Trump's Newspeak

by Matthew Freeman

December 19, 2017

"You don't grasp the beauty of the destruction of words. Do you know that Newspeak is the only language in the world whose vocabulary gets smaller every year?"

Winston Smith, 1984

Donald Trump has never been known for the breadth of his vocabulary. In his case, I’ve always assumed that was a marker of a not particularly curious mind. The guy’s openly contemptuous of higher education; he says he doesn’t read books because he gets what he needs to know from “watch[ing] the shows.” When speaking, he likes to repeat things, uttering the same short sentence or phrase two or three times in the same breath, presumably for emphasis. And his word choices won’t be adding to anyone’s vocabulary. He uses “very” very often, for example, and “very, very” very frequently, too.

Now we learn that the president and his team want to limit everyone else’s vocabulary, as well, starting with the Centers for Disease Control and Prevention (CDC) and other agencies within the Department of Health and Human Services (HHS). Friday, Lena H. Sun and Juliet Eilperin of the Washington Post reported:

Policy analysts at the Centers for Disease Control and Prevention in Atlanta were told of the list of forbidden terms at a meeting Thursday with senior CDC officials who oversee the budget, according to an analyst who took part in the 90-minute briefing. The forbidden terms are “vulnerable,” “entitlement,” “diversity,” “transgender,” “fetus,” “evidence-based” and “science-based.”

The next day, Sun and Eilperin reported that the word-scrubbing would extend to other divisions of HHS:

A second HHS agency received similar guidance to avoid using “entitlement,” “diversity” and “vulnerable,” according to an official who took part in a briefing earlier in the week. Participants at that agency were also told to use “Obamacare” instead of ACA, or the Affordable Care Act, and to use “exchanges” instead of “marketplaces” to describe the venues where people can purchase health insurance.

It’s one thing to have a house writing style and to impose a certain amount of consistency across an entire department. We use serial commas on CPRBlog, for example, and we’re holding out against using “the U.S.” instead of “the United States,” except as a modifier! But as usual, the Trump administration is going to extremes, with the plain goal of denying or obscuring reality.

It’s hard not to think of George Orwell when you read these kinds of stories. In 1984, he wrote about Big Brother’s efforts to shrink the language as a way to diminish the range of possible thought. Oldspeak, with all its complex thoughts, and disturbingly descriptive words, was a danger to the ruling class. Newspeak was lean and limited, perfect for a government intent on rewriting history at will and suppressing "subversive" ideas before they could even be formed in a single mind.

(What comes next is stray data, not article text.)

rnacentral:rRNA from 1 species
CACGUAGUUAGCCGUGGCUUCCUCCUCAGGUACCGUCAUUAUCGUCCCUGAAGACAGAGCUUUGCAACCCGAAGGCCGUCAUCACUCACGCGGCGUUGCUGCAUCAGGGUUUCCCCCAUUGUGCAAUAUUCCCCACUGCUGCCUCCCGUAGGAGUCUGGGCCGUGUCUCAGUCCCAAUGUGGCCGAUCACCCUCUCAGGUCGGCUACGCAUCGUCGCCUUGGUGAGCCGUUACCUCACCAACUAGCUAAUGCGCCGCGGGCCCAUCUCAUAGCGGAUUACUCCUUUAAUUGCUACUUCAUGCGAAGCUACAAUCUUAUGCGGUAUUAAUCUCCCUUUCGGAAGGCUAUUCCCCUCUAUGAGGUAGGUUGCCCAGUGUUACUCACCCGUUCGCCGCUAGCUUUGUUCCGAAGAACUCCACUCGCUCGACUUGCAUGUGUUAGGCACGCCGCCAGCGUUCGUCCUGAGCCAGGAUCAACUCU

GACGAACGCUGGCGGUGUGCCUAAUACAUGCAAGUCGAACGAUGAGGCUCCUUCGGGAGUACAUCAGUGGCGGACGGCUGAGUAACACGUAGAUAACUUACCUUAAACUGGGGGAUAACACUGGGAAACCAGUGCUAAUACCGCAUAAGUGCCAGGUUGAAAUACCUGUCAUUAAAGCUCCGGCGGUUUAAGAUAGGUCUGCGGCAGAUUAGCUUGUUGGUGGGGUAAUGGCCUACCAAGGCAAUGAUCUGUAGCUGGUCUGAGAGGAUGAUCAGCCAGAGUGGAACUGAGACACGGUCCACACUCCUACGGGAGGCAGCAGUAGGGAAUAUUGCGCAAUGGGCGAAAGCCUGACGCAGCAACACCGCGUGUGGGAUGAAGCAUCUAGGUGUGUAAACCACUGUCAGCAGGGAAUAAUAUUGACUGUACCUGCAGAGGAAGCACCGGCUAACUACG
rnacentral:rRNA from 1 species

1984 returned to the bestseller list earlier this year, and not for nothing. The president’s hostile relationship with facts, his coterie of liars on the public payroll, his insistence that CNN is making up news rather than reporting it – these are all stepping stones toward Orwell’s vision of a totalitarian future. We’re all so accustomed to the rat-a-tat-tat of the political back and forth that it’s easy not to notice when lines are crossed, even by a president famous for crossing lines.

But let’s take note of this one. This week, the President of the United States tried to shrink our vocabulary by banning the government’s use of seven words that he thinks lead to ideas that inconvenience him.

We may not be in Room 101 yet, but some days it feels like it’s just down the hall.

Tagged as: Banned Words
Be the first to comment on this entry.
We ask for your email address so that we may follow up with you, ask you to clarify your comment in some way, or perhaps alert you to someone else's response. Only the name you supply and your comment will be displayed on the site to the public. Our blog is a forum for the exchange of ideas, and we hope to foster intelligent, interesting and respectful discussion. We do not apply an ideological screen, however, we reserve the right to remove blog posts we deem inappropriate for any reason, but particularly for language that we deem to be in the nature of a personal attack or otherwise offensive. If we remove a comment you've posted, and you want to know why, ask us (info@progressivereform.org) and we will tell you. If you see a post you regard as offensive, please let us know.

Also from Matthew Freeman

Media relations consultant Matthew Freeman helps coordinate CPR's media outreach efforts and manage its online communications. His media relations experience in Washington spans more than 30 years, and his client list includes a range of organizations active on the environment, education, civil rights and liberties, health care, progressive organizing in the interfaith community, and more.

A Final 2017 Dose of Op-Eds

Freeman | Dec 28, 2017 | Regulatory Policy

Steinzor: Trump's reform won't stop mass incarceration

Freeman | Dec 21, 2017 | Good Government

Trump's Newspeak

Freeman | Dec 19, 2017 | Good Government

An Antidote to Greed

Freeman | Nov 28, 2017 | Good Government

CPR's Latest Op-Eds Take on the Assault on Our Safeguards

Freeman | Oct 16, 2017 | Regulatory Policy

The Center for Progressive Reform

455 Massachusetts Ave., NW, #150-513
Washington, DC 20001
info@progressivereform.org
202.747.0698

© Center for Progressive Reform, 2015